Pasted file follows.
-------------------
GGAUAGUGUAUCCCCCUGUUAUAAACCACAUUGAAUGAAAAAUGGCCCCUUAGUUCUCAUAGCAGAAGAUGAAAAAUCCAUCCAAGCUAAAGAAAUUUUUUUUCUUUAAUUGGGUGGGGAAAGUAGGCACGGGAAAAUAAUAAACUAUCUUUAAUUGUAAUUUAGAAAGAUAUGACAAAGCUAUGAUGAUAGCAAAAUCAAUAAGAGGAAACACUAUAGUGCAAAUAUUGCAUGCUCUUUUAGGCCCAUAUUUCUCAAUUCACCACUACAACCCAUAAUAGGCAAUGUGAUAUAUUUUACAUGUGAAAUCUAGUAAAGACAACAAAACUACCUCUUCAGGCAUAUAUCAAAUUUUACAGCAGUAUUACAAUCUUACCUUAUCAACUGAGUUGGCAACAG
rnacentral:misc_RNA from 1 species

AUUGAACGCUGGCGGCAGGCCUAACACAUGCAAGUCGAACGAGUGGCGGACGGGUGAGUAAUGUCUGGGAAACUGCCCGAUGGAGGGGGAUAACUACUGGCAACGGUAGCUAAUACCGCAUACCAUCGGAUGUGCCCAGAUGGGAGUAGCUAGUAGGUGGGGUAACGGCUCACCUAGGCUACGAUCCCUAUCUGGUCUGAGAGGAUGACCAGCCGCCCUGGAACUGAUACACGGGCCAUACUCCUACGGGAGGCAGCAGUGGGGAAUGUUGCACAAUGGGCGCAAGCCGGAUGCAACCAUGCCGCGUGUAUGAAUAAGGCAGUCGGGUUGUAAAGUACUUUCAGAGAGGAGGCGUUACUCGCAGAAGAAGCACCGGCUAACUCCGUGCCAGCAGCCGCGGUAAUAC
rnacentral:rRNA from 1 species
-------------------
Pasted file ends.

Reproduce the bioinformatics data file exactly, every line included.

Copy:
GGAUAGUGUAUCCCCCUGUUAUAAACCACAUUGAAUGAAAAAUGGCCCCUUAGUUCUCAUAGCAGAAGAUGAAAAAUCCAUCCAAGCUAAAGAAAUUUUUUUUCUUUAAUUGGGUGGGGAAAGUAGGCACGGGAAAAUAAUAAACUAUCUUUAAUUGUAAUUUAGAAAGAUAUGACAAAGCUAUGAUGAUAGCAAAAUCAAUAAGAGGAAACACUAUAGUGCAAAUAUUGCAUGCUCUUUUAGGCCCAUAUUUCUCAAUUCACCACUACAACCCAUAAUAGGCAAUGUGAUAUAUUUUACAUGUGAAAUCUAGUAAAGACAACAAAACUACCUCUUCAGGCAUAUAUCAAAUUUUACAGCAGUAUUACAAUCUUACCUUAUCAACUGAGUUGGCAACAG
rnacentral:misc_RNA from 1 species

AUUGAACGCUGGCGGCAGGCCUAACACAUGCAAGUCGAACGAGUGGCGGACGGGUGAGUAAUGUCUGGGAAACUGCCCGAUGGAGGGGGAUAACUACUGGCAACGGUAGCUAAUACCGCAUACCAUCGGAUGUGCCCAGAUGGGAGUAGCUAGUAGGUGGGGUAACGGCUCACCUAGGCUACGAUCCCUAUCUGGUCUGAGAGGAUGACCAGCCGCCCUGGAACUGAUACACGGGCCAUACUCCUACGGGAGGCAGCAGUGGGGAAUGUUGCACAAUGGGCGCAAGCCGGAUGCAACCAUGCCGCGUGUAUGAAUAAGGCAGUCGGGUUGUAAAGUACUUUCAGAGAGGAGGCGUUACUCGCAGAAGAAGCACCGGCUAACUCCGUGCCAGCAGCCGCGGUAAUAC
rnacentral:rRNA from 1 species